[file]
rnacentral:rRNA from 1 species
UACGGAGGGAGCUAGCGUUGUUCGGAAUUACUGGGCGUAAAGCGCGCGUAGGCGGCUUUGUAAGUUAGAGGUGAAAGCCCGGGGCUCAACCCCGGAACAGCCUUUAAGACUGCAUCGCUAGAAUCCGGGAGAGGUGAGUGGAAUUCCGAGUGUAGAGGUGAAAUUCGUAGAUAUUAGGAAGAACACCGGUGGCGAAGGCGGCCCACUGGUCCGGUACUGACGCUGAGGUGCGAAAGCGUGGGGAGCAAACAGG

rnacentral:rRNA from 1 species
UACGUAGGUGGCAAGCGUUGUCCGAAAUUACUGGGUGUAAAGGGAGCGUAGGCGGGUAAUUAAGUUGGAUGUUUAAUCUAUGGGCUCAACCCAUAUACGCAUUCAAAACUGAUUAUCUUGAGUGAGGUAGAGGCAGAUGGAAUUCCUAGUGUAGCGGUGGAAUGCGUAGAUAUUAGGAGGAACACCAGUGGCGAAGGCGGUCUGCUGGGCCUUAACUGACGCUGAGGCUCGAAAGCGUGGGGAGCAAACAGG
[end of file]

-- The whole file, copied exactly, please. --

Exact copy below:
rnacentral:rRNA from 1 species
UACGGAGGGAGCUAGCGUUGUUCGGAAUUACUGGGCGUAAAGCGCGCGUAGGCGGCUUUGUAAGUUAGAGGUGAAAGCCCGGGGCUCAACCCCGGAACAGCCUUUAAGACUGCAUCGCUAGAAUCCGGGAGAGGUGAGUGGAAUUCCGAGUGUAGAGGUGAAAUUCGUAGAUAUUAGGAAGAACACCGGUGGCGAAGGCGGCCCACUGGUCCGGUACUGACGCUGAGGUGCGAAAGCGUGGGGAGCAAACAGG

rnacentral:rRNA from 1 species
UACGUAGGUGGCAAGCGUUGUCCGAAAUUACUGGGUGUAAAGGGAGCGUAGGCGGGUAAUUAAGUUGGAUGUUUAAUCUAUGGGCUCAACCCAUAUACGCAUUCAAAACUGAUUAUCUUGAGUGAGGUAGAGGCAGAUGGAAUUCCUAGUGUAGCGGUGGAAUGCGUAGAUAUUAGGAGGAACACCAGUGGCGAAGGCGGUCUGCUGGGCCUUAACUGACGCUGAGGCUCGAAAGCGUGGGGAGCAAACAGG